Trigger warning: Contains a quoted example of disability hate speech.
I am finding it difficult to begin this piece.
It’s not that I can’t find the words. When I’m writing, I can almost always find the words. It’s that what I want to write about is painful almost beyond words.
In the wake of Joe Scarborough’s uttering the falsehood that autism is linked to mass murder and his erroneous statement that most mass murderers are autistic, well over 11,000 people signed a petition demanding a retraction. To date, Mr. Scarborough and MSNBC have still not seen fit to fulfill their journalistic obligation of setting the record straight. Autism Speaks put out an absolutely useless statement that did not, in any way, refute Mr. Scarborough’s remarks; the organization might as well have remained completely silent. Only the Autistic Self-Advocacy Network, the Autism Society of America, and the Autism Society Canada spoke up in protest.
In the wake of these failures of conscience, people in the autism and autistic communities have been left to deal with the fallout. And yes, there has been fallout. I have been talking with autistic people, autism parents, and allies about this issue for nearly two weeks, and the constant refrain I hear is, “We are afraid of what will happen to us, to our children, to our loved ones, and to our friends.”
Like them, I have feared the impact of Mr. Scarborough’s words. And then, last Monday, one week after the Morning Joe broadcast, my fears were realized. I found the following on the Facebook page of my friend and colleague Karla Fisher, who an autism educator on the autism spectrum and the general manager of a professional women’s football team in Oregon:
This weekend I hosted my football team at my farm for a camp out. They asked me questions about my autism work and I told them that autistic people grow up to be lawyers and doctors and teachers and janitors and Moms and…. I was uninterrupted by one of the girls who said, “And mass murderers”. I asked her if she was kidding. She was not. EVERYONE thought Holmes is autistic and that link was connected very clearly in that room.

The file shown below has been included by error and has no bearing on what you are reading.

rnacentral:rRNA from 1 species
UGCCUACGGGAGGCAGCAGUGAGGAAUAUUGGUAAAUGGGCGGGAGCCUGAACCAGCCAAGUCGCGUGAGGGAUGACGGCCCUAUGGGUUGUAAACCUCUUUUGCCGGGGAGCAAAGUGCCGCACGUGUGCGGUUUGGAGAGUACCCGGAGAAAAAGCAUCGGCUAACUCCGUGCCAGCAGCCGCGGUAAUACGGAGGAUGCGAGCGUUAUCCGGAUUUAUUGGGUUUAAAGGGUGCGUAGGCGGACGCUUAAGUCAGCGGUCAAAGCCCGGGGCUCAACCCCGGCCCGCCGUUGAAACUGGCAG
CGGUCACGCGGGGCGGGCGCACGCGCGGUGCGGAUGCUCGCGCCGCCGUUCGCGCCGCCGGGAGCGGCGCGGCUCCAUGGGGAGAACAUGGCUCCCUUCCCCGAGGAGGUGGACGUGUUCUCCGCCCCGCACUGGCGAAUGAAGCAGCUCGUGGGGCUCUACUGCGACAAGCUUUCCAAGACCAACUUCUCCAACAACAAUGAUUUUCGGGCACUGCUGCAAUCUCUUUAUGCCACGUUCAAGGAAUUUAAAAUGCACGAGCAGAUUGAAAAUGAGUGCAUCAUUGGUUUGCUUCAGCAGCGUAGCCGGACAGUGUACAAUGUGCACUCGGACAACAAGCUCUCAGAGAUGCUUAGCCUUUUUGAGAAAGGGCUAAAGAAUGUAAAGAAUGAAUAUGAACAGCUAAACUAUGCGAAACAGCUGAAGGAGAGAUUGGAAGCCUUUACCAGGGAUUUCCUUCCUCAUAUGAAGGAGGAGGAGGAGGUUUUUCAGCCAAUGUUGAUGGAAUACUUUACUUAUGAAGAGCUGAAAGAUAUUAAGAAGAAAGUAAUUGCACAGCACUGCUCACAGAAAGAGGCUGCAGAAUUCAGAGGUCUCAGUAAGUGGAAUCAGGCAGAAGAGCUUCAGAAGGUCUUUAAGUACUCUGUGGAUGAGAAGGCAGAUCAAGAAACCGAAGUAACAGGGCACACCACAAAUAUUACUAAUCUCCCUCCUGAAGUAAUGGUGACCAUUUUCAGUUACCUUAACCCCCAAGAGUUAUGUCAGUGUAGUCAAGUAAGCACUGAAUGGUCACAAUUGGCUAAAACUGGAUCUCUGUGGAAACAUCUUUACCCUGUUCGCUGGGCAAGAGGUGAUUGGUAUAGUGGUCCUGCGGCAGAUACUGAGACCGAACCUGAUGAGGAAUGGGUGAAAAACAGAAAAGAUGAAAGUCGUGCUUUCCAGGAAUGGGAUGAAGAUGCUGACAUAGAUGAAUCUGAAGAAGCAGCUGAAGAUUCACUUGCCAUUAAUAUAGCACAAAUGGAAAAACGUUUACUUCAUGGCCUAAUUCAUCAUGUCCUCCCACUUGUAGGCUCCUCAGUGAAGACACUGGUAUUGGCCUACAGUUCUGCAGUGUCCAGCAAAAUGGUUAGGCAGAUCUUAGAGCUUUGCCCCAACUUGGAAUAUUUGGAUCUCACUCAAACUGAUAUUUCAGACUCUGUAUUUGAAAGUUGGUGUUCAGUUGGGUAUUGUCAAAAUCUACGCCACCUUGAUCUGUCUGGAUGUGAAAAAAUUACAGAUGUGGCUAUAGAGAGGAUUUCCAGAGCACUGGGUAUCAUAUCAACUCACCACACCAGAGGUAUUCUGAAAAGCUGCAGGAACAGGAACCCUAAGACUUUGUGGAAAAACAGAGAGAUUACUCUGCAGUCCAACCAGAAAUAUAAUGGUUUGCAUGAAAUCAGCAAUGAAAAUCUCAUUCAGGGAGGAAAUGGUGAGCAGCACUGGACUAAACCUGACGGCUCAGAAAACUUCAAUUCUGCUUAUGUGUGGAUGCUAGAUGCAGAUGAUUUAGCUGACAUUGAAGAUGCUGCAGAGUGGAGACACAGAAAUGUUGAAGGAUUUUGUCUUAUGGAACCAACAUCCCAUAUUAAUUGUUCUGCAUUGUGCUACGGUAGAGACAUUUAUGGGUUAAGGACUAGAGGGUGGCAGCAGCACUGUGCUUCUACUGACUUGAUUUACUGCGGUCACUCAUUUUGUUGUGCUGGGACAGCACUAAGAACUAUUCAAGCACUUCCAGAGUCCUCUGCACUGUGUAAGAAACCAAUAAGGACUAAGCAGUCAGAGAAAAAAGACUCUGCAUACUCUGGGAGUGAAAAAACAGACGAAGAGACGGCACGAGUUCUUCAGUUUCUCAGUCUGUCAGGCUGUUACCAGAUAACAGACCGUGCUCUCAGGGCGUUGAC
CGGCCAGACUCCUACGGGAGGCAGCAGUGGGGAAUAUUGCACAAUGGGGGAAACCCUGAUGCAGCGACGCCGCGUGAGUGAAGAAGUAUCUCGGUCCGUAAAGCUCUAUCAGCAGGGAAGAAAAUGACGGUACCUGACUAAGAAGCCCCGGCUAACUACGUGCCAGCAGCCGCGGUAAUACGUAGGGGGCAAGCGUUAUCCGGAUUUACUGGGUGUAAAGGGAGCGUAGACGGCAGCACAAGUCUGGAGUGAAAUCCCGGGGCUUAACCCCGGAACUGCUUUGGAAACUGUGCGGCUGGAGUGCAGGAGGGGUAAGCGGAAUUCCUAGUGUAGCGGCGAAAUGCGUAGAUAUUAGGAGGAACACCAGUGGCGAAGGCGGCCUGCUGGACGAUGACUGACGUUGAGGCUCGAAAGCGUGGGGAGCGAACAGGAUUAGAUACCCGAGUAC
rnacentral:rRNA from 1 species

This is real life folks and real bad for all of us.
I don’t have enough to words to describe how disturbing I find this story, but I can tell you why I find it so disturbing: Karla’s teammates know her, and they know that she is autistic. Karla is very open about it, and her teammates provide all manner of accommodations in order to be inclusive of her. They consider her a friend. They respect her as an athlete. But she was standing right in front of them, and what mattered more was a media representation of autism than the reality of Karla’s life and being. The disconnect is terrifying — as is the fact that someone would say such a thing to an autistic person, anywhere, without any consciousness of the hurt it would cause.
The truth of the statement was taken entirely for granted. The utterance of it was acceptable.
No one said a word.
But there is more. On August 2, ten days after the Morning Joe broadcast, my friend and colleague Lynne Soraya, who writes a blog for Psychology Today called Asperger’s Diary, received a comment that can only be described as hate speech. It came in response to a piece that she wrote in April called Stigma and the ‘Othering’ of Autism. The commenter took the time to find a four-month-old post in order to comment on the Colorado shooting and express the opinion that all of us on the spectrum should die: